Harrison offered a taste of his potential during his breakout 2017 campaign, and the Marlins are justifiably excited about what the future may hold for their new outfielder. If he can stay healthy, Harrison could develop into a perennial 20/20 player who also offers considerable value with his defense.
Scouting grades: Hit: 45 | Power: 50 | Run: 60 | Arm: 70 | Field: 55 | Overall: 50
One of the premier athletes in the 2014 Draft class, Harrison passed on an opportunity to play two sports at Nebraska to sign for nearly $700,000 over slot value as the Brewers' second-round pick. Injuries impacted his progress early in his career, as a grisly ankle injury in July prematurely ended Harrison's first full season, and a broken hamate limited him to just 75 games at Class A Wisconsin in 2016. When Harrison was healthy in 2017, his on-field results finally reflected his immense physical tools, as he was named a Midwest League All-Star before advancing to the Carolina League. He finished the season with 21 home runs and 27 stolen bases, and then continued to make strides during an impressive turn in the Arizona Fall League. Harrison's breakout caught the attention of the Marlins, who acquired him, Lewis Brinson, Isan Diaz and Jordan Yamamoto for Christian Yelich in January.
Harrison has excellent bat speed and should develop at least average power as he matures and gains much-needed experience. His penchant for whiffing stems from a long swing and pitch-recognition issues, though his overall approach is solid. Harrison's plus speed makes him a basestealing threat as well as an above-average defender, either in center field or in right, where his cannon for an arm is a clean fit.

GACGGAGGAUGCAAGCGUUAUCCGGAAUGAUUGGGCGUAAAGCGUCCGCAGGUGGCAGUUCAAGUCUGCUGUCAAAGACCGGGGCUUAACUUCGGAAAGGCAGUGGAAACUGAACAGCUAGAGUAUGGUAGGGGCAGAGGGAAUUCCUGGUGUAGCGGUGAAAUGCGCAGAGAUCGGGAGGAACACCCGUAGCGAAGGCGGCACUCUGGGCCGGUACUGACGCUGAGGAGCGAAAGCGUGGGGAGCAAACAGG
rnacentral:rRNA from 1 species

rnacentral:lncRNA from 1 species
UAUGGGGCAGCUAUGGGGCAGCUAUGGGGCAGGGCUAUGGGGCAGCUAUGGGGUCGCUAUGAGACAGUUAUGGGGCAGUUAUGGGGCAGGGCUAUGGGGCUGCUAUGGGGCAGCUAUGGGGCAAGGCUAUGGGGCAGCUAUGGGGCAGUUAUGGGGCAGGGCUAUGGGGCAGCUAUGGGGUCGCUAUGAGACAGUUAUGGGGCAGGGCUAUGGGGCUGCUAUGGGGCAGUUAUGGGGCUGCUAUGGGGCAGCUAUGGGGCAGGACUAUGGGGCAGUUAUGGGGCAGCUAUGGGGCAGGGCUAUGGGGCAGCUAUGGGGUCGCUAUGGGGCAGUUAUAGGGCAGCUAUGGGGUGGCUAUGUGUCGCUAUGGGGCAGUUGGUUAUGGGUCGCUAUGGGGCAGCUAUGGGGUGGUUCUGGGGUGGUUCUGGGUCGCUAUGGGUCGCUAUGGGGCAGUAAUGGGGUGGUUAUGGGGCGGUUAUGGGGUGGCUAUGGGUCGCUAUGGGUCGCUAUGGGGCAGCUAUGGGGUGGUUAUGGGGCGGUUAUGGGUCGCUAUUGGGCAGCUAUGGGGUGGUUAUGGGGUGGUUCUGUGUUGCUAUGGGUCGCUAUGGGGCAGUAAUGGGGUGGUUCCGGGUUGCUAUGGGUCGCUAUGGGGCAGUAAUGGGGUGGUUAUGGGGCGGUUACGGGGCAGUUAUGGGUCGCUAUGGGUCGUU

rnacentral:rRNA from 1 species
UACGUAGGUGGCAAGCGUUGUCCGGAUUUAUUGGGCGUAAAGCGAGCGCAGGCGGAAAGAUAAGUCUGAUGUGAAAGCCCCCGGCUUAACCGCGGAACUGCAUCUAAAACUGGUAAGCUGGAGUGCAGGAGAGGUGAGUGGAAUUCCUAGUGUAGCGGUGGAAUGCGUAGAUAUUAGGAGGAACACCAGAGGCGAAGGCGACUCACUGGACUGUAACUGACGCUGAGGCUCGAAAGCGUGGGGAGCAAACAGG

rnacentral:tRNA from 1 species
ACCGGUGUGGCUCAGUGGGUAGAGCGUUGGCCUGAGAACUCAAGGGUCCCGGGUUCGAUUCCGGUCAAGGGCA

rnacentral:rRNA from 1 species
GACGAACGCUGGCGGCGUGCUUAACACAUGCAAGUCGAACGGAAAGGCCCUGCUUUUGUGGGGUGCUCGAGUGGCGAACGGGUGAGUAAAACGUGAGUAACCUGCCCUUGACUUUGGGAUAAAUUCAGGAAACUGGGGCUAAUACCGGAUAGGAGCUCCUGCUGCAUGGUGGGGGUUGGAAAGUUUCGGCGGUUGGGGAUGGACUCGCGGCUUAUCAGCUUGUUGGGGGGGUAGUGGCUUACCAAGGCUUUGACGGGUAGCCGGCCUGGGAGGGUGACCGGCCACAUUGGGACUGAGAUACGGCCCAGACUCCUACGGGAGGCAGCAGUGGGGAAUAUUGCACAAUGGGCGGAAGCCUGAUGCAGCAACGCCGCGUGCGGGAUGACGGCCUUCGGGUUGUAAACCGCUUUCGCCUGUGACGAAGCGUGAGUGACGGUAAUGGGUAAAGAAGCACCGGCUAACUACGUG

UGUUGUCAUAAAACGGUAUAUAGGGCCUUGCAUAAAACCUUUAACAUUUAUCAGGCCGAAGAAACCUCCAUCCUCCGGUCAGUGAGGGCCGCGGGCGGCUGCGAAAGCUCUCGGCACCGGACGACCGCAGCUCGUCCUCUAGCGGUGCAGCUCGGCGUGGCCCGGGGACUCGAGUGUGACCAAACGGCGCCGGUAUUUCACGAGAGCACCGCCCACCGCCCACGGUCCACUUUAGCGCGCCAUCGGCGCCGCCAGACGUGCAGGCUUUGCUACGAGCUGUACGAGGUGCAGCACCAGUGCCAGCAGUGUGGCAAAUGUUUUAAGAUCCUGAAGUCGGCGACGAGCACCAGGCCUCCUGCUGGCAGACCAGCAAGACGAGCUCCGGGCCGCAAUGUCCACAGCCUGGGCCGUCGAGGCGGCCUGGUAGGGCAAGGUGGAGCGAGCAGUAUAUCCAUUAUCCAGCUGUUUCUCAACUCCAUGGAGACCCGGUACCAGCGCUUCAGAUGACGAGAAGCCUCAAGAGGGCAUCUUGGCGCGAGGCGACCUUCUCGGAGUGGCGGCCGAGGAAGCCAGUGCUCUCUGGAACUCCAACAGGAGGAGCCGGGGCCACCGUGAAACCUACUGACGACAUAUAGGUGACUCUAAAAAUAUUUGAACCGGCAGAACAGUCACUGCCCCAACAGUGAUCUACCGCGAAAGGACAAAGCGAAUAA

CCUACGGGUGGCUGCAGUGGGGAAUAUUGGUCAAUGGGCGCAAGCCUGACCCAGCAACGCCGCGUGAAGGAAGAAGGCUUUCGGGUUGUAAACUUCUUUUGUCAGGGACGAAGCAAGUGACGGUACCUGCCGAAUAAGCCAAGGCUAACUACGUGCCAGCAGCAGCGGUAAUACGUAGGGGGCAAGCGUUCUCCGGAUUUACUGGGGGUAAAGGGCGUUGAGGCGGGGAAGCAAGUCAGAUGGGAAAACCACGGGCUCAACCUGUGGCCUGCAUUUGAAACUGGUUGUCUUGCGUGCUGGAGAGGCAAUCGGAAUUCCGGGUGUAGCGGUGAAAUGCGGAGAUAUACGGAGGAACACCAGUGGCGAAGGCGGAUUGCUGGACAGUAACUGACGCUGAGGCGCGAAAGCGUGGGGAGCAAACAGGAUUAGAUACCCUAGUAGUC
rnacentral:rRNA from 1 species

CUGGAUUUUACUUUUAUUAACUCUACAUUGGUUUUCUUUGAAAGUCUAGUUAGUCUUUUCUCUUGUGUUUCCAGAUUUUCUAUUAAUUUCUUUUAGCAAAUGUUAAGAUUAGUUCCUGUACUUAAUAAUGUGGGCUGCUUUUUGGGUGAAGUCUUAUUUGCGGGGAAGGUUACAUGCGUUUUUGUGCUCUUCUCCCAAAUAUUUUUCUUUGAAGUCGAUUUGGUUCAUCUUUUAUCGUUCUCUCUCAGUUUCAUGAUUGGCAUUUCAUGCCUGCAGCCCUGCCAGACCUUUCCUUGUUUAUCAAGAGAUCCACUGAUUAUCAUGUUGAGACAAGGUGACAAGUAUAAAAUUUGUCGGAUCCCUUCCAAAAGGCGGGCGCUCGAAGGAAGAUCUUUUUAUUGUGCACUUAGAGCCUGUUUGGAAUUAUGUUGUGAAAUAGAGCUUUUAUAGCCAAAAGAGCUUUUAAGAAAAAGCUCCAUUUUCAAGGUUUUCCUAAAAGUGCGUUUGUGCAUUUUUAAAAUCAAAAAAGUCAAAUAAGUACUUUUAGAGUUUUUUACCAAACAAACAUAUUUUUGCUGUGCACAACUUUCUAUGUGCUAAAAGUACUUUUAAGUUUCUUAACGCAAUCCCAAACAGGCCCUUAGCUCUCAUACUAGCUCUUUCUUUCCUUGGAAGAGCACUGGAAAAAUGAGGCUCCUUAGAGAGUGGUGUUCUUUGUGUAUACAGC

Harrison offered a glimpse of his potential during his healthy 2017 campaign, and that production should continue to translate as he gains experience. The final product could be that of an All-Star-caliber outfielder who also offers considerable value with his defense.
The Brewers targeted high-ceiling players in the 2014 Draft, and Harrison might have been the best athlete in the class. He turned down a chance to play two sports at Nebraska and signed for nearly $700,000 over slot value, and then led the Rookie-level Arizona League in stolen bases in his pro debut. He struggled in his introduction to full-season ball in 2015, hitting just .148 with a disconcerting strikeout rate, but he managed to right the ship once he moved down to the Pioneer League, only to have his season come to an end with a grisly ankle injury in July. Injuries continued to plague Harrison in 2016, when he landed on the disabled list with a broken hamate in late June just as he was heating up at the plate.
Harrison's plus speed makes him a basestealing threat as well as an above-average defender, either in center field or in right, where his cannon for an arm is a clean fit. Harrison has excellent bat speed and should develop at least average power as he matures and adjusts to the pro game. He does have some length to his swing, which leads to quite a bit of swing-and-miss, but it's nothing that can't be fixed. Harrison finished fifth in the Arizona League in on-base percentage in his pro debut, though his approach was challenged with the jump to the Midwest League last year.
If Harrison can stay healthy and everything goes as hoped with his development in the coming years, he could develop into a perennial 20/20 player who also offers considerable value with his defense.
Scouting grades: Hit: 50 | Power: 50 | Run: 60 | Arm: 70 | Field: 55 | Overall: 50
The Brewers aggressively went after high-ceilinged players in the 2014 Draft, and Harrison might have been the best athlete in the class. Turning down a chance to play two sports at Nebraska, Harrison signed for nearly $700,000 over slot value and promptly led the rookie-level Arizona League in stolen bases.
He's far from a one-trick pony, however. While Harrison's speed will continue to allow him to be a basestealing threat, it also will help make him an above-average defender, either in center field or in right, where his plus arm profiles very well. Harrison showed excellent bat speed in his debut, as well as a more advanced approach at the plate -- he finished fifth in the AZL in on-base percentage -- than you'd expect from a multi-sport high schooler. There's more power to come as well as he matures and adjusts to the pro game.
After initially showing a better overall feel for the game than anticipated, Harrison stumbled in full-season ball in 2015. He righted the ship once he moved down to the Pioneer League, only to have his season come to an end in July with a broken ankle.